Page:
"Thank you, ma'am, I surely do appreciate the hot meal. Last one I had was down to the jail, and the bulls ain't as nice as you."

"Jail? Have you spent much time there Mr. Galway?"

"Enough Miss Addams. Enough so's I hope never to go back."

Jane placed her frail, mottled hand atop Joseph's smooth and delicate one and locked her eyes on his. Smiling slightly, the corners of her eyes crinkling, she bade him tell about his troubles with the law. Tentatively, he spoke of his life. He spoke of the predations he suffered in the rundown orphanage back in Gary and the desperate midnight dash he took to escape. He told Jane of riding a coal car to Chicago and rooting in the trash for scraps of food to survive the first cold nights.

Cocooned in the warm embrace of her gaze, Joseph lowered his defenses and told Jane about the other Irish boys he met on the South Side. Only a child, he was recruited to serve as lookout while the others robbed the swells leaving theaters and speakeasies. Quickly caught up in the gang life, he soon graduated to robbing homes and stores and rose within the gang's ranks.

"One evening, pawning our haul, Johnny the Fence told us he could get us a lot more money. There was a traveling exhibit at the Art Institute, and Johnny knew a man who'd pay a fortune for one of the paintings on display. If we did the job for Johnny, we'd get half the take.

"I don't know how we got out without gettin' pinched, but we did. Johnny gave us fifty bucks for that painting and we figured he was crazy. That, or some old fellow was crazy wanting to pay so much for a picture. It wasn't 'til later we found out how much it was worth. From then on, we were Johnny's regular crew for museum jobs."

"How were you able to elude capture, Mr. Galway? I'd imagine museums have considerable security to protect their valuable contents."

"They do. Next job we went on, I got nabbed. But bein' as I was just a boy and nothing was missin' - seein' as I'd got caught before we got the painting - the judge let me off after a couple days in jail. That's when we figured out our angle. If we could always make it look like nothin' was missin', we'd be a whole lot better off. It took us a while, but we found a fellow could make copies for us before we went in. Every picture we took, we put a fake in its place."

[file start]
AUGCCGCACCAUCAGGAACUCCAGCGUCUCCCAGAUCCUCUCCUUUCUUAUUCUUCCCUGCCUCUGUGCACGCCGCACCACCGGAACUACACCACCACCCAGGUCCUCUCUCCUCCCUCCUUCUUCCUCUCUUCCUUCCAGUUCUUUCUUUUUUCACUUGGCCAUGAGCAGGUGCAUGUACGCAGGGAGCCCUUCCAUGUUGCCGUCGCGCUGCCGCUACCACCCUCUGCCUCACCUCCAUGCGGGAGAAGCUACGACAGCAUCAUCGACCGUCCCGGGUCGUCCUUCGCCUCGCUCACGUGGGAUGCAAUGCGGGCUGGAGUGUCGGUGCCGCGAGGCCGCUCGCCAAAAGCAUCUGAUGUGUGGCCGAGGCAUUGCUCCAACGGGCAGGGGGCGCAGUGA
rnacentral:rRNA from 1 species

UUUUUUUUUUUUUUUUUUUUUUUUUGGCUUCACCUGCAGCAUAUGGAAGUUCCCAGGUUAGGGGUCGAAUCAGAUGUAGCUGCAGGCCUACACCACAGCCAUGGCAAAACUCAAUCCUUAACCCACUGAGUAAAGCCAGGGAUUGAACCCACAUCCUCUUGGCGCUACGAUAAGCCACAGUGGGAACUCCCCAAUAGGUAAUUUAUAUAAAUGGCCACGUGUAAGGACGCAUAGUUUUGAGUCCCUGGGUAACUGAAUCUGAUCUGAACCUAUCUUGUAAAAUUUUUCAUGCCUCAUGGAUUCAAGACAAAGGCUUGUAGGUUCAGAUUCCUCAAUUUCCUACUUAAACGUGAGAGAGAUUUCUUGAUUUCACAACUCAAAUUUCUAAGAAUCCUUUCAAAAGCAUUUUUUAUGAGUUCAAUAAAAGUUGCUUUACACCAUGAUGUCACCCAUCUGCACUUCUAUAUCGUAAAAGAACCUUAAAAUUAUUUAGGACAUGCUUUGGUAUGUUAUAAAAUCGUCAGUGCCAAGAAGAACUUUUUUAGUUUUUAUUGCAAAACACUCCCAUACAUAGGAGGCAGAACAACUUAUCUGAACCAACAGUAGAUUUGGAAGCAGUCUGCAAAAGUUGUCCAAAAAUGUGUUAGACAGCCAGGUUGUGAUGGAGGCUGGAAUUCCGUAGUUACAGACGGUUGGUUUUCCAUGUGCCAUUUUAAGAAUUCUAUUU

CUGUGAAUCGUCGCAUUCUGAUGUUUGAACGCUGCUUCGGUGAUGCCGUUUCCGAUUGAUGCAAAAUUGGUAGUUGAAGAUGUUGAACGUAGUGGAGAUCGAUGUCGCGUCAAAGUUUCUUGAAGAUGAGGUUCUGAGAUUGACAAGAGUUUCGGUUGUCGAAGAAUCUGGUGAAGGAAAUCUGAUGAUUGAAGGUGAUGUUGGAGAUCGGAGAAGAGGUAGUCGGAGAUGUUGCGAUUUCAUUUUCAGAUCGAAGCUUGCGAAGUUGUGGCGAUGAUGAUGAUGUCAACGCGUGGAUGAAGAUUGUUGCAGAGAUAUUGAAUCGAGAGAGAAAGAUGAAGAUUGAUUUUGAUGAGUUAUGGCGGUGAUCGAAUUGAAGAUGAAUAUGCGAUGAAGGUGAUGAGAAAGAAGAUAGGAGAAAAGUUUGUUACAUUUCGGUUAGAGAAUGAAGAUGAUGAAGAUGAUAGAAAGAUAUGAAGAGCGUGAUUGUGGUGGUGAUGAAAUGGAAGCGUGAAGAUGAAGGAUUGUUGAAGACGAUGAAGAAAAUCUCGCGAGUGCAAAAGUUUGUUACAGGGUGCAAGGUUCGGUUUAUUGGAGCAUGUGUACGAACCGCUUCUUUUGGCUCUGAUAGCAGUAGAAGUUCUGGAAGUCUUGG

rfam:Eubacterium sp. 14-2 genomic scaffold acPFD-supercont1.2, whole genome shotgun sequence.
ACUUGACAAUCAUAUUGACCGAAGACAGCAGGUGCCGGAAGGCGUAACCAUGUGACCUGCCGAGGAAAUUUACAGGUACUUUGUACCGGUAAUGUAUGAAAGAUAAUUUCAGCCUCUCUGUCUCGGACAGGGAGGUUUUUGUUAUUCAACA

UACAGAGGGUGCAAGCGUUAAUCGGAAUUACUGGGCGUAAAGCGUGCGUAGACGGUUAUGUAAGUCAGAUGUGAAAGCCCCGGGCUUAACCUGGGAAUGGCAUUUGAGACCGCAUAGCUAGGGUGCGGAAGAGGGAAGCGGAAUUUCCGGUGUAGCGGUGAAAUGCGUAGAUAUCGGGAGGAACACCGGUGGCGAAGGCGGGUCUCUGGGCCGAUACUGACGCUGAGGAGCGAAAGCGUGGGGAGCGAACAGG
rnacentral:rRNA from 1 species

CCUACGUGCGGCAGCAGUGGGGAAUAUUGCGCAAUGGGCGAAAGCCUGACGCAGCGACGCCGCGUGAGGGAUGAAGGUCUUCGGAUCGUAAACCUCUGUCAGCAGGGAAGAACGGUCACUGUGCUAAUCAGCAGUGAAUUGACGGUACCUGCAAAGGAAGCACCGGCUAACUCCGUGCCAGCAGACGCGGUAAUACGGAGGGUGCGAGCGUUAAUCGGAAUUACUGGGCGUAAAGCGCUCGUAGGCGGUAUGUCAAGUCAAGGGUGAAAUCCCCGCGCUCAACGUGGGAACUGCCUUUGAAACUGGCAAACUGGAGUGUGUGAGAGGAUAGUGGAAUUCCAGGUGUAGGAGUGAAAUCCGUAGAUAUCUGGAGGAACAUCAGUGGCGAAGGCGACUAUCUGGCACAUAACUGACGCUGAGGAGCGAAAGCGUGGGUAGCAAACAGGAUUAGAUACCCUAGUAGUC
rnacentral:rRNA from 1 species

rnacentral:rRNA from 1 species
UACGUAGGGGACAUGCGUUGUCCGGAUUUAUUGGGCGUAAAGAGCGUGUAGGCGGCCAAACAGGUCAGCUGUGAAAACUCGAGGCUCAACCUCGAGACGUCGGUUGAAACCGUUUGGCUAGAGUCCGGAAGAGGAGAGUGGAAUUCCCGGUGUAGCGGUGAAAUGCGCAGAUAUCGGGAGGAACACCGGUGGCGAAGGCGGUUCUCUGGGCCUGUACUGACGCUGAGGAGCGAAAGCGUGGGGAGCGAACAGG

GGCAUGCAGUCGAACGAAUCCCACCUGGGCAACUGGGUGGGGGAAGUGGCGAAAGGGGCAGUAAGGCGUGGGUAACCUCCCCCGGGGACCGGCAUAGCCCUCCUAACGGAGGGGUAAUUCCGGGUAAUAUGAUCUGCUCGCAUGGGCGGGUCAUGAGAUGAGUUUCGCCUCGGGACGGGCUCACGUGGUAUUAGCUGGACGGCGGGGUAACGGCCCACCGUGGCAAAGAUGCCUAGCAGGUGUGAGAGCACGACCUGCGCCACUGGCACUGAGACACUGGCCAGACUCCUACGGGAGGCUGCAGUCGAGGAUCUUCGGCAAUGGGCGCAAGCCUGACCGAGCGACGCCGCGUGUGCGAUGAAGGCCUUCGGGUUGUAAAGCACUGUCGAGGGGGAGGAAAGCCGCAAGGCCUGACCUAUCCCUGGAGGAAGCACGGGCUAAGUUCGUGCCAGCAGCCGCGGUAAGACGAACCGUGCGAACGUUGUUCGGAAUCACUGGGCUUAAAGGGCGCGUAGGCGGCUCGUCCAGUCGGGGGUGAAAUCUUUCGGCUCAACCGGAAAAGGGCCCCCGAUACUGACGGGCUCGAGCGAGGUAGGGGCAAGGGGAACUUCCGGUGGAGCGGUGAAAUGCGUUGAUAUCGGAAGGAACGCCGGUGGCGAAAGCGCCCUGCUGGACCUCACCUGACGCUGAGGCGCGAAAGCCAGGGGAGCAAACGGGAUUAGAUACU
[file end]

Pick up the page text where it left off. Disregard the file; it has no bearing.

With a glint in her eye, Jane asked "wouldn't it have been safer to simply provide the fraudulent paintings to the clients?"

"We tried that once. But the fakes didn't fool the rich men...or Johnny. I got pistol whipped for trying."

"But the forgeries weren't detected by the museums?"

"No, ma'am. I guess they just never think to check."

"And what's brought you to Hull House, Mr. Galway? I'd think a successful art thief would have no use for our services."

"I been running since I was seven. I just wanna rest. I'm through with that life."

* * *
"Hullions! Assemble!" Jane's steely voice echoed in the lamp-lit cavern deep beneath the sleeping city.

* * *
More than forty years ago, workmen laying the foundations of Hull House discovered a small subterranean cave. Sealing over the entrance, it was quickly forgotten. One cold morning late in the winter of 1926, Jane went to the basement to get the last of October's canned beets. Noticing a crack that had appeared in the hastily cemented opening, she found a hammer and began to chip at the wall. In a few moments, she'd opened it wide enough to squeeze into the long-forgotten cave. Pushing into the darkness with her small lantern, her own breath warmed the small space, barely wide enough to pass. Just as Jane was about to conclude her first adventure in spelunking, the dust she'd kicked up tickled her throat and she coughed. The echoes seemed to last for eternity.